This broad incorporation of principles pertaining to corporate governance, social issues and environmental considerations in contractual agreements reflects a developing expectation and willingness by the energy sector to commit to a framework within which ESG principles can be articulated and enforced. We expect to see more of this as energy companies respond to social and political pressure for environmentally and socially responsible resource development and use, and as investors and consumers continue in their efforts to reconcile these principles with continued economic development and activity.


[1] Read the article at: https://gowlingwlg.com/en/insights-resources/articles/2020/environmental-social-governance-policies-in-energy/

[2] New standard achieved in responsible and transparent energy development and procurement, Seven Generations Energy website, News Releases, Feb. 10, 2020: https://www.7genergy.com/investors/news-releases/details/2020-02-10-New-Standard-Achieved-in-Responsible-and-Transparent-Energy-Development-and-Procurement/654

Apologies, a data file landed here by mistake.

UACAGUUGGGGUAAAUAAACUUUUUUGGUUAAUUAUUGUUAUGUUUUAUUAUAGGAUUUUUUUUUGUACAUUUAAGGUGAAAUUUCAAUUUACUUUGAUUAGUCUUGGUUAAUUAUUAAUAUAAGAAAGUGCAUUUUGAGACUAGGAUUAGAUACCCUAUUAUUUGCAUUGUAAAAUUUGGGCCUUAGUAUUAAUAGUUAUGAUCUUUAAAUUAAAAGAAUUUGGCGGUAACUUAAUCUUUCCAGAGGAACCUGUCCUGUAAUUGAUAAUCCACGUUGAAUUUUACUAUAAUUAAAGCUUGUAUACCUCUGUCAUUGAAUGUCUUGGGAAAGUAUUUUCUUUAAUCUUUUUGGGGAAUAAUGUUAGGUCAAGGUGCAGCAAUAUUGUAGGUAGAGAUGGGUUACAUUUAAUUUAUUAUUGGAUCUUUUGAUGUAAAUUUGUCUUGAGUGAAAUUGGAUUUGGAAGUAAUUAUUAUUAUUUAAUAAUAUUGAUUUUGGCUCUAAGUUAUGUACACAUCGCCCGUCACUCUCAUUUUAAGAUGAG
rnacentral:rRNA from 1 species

[3]Ibid.

[4] Deal with Alberta gas producer is Quebec utility's first under certification program, Global News website, Feb. 10, 2020: https://globalnews.ca/news/6533633/quebec-natural-gas-contract-alberta-seven-generations-energy/

[6]New standard achieved in responsible and transparent energy development and procurement, Seven Generations Energy website, News Releases, Feb. 10, 2020: https://www.7genergy.com/investors/news-releases/details/2020-02-10-New-Standard-Achieved-in-Responsible-and-Transparent-Energy-Development-and-Procurement/654

[7] Equitable Origin, Equitable Origin – EO100TM Standard for Responsible Energy Development, July 2017, online:https://pronto-core-cdn.prontomarketing.com/2/wp-content/uploads/sites/1738/2018/09/EO100-Standard-for-Responsible-Energy-Development_2017.pdf, p. 3

[8] Ibid., p. 4.

[9] Ibid.

[10] Ibid.

[11] Ibid., p. 5.

[12] Ibid.

[13] Ibid.

[14] Ibid., p. 7 ; For more information about UNDRIP and how it can be incorporated into provincial law (British-Colombia for instance), see this article published by our colleagues Maya Stano, Aaron Christoff and Keith Brown: https://gowlingwlg.com/en/insights-resources/articles/2019/bc-s-new-undrip-bill-reshaping-provincial-law/ .

[15]Ibid., p. 8.

[16]Ibid., p. 9.

[17]Ibid., p. 27.